-Conglomerates are sedimentary rocks containing large fragments of other rock material
-Sandstone is another example
-Texture is important in classifying clastic sedimentary rocks
-Chemical sedimentary rocks form when dissolved mineral solutions crystalize out of lakes and oceans
-Rock salt (formed by sodium chloride) and limestone (formed from calcium carbonate) are examples of chemical sedimentary rocks
-Limestone can contain organic or once-living matter and can record the history of that matter’s formation in features such as strata, fossil evidence, and ripple marks
Igneous rocks
Igneous rocks
-Classified according to composition and texture
-Form when magma or lava cools and solidifies
-Depending on the rate of cooling, some igneous rocks can contain visible crystals, while others can appear glassy
-Temperature, pressure, and composition explain the three ways magma can form since they affect the melting point of rock
-Igneous rock that cools beneath the earth’s surface is called intrusive
-Examples of intrusive rock formations include plutons, dikes, and batholiths
-Igneous rock that forms on the earth’s surface is called extrusive
-Examples of extrusive rocks include obsidian, basalt, and pumice
Metamorphic rocks
Metamorphic rocks
-Have undergone tremendous change from intense pressure and temperature
-All examples of the rock cycle can change into metamorphic rock
-Generally forms deep in the mantle as one type of rock changes into another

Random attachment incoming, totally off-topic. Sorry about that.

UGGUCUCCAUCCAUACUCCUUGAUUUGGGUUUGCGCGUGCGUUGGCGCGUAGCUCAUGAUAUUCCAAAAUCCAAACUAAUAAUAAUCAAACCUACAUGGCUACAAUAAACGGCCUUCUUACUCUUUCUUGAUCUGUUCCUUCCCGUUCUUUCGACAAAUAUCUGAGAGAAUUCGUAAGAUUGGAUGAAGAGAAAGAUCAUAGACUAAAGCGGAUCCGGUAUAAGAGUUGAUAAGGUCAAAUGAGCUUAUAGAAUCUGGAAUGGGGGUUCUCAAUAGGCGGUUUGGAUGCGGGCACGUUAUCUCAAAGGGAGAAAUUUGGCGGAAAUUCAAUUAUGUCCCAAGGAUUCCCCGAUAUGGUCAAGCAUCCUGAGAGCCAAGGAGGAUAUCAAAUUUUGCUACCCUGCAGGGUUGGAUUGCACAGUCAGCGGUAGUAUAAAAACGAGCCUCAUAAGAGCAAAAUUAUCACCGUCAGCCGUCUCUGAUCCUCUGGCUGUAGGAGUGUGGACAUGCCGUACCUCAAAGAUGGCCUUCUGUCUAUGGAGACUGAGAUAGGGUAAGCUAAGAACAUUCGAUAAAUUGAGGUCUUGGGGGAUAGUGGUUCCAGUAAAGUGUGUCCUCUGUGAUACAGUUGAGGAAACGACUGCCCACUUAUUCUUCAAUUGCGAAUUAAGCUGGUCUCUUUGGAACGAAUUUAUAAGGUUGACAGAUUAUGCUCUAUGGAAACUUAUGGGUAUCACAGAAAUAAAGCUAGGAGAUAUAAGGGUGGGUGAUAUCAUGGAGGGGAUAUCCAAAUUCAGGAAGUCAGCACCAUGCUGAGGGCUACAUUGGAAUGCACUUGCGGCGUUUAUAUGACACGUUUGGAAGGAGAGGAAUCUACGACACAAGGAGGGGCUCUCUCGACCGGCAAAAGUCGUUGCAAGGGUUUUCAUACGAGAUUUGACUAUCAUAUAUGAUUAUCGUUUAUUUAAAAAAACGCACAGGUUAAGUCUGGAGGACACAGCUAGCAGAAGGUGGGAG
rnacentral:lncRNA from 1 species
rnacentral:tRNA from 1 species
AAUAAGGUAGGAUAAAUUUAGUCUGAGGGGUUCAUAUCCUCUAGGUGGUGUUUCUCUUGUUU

-The mineral composition of the rock changes when the minerals in the rock recrystallize
-Due to intense pressure, metamorphic rocks can show signs of bending and distortion
-Examples of metamorphic rocks include schist, marble, gneiss, and slate
-Usually classified according to texture and by chemical and mineral assemblage
-Make up a large part of the earth’s crust
Coral reef
The result of the buildup of once-living things
-Natural chemical compounds that are the crystals that make up rocks
-Each mineral has a specific composition or narrow range of composition
-The most abundant minerals in the crust are the two feldspars (orthoclase and plagioclase), quartz, olivine, and augite
—These five minerals are silicates, built from interlocking silicon and oxygen atoms
Mineral hardness
A method one could use to determine the hardness of unknown mineral samples would be:

-Scratch test: Test the item against materials of known hardness; for example, use your fingernail or the graphite in a pencil to attempt to scratch the items. This process should result in assigning a relative hardness to the unknown items.
-Mohs’ scale of hardness: This scale assigns a fixed number to 10 reference materials. Talc (1) is the softest and diamond (10) is the hardest
-Cleavage: breaking along flat surfaces
-Density: how much matter is in the object

Mineral color
Affected by factors such as weathering and impurities
-A land form that stretches above the surrounding land in a limited area, with a peak
-Usually produced by the movement of lithospheric plates
-The compressional forces, isostatic uplift, and intrusion of igneous matter forces surface rock upward, creating a land form higher than the surrounding features
-The height of the feature makes it either a hill or, if higher and steeper, a mountain
—A mountain is generally steeper than a hill, but there is no universally accepted standard definition for the height of a mountain or a hill, although a mountain usually has an identifiable summit
-The major mountains tend to occur in long linear arcs, indicating tectonic plate boundaries and activity
-Two types of mountains are formed, depending on how the rock reacts to the tectonic forces: block mountains or fold mountains
-Some isolated mountains were produced by volcanoes, including many apparently small islands that reach a great height above the ocean floor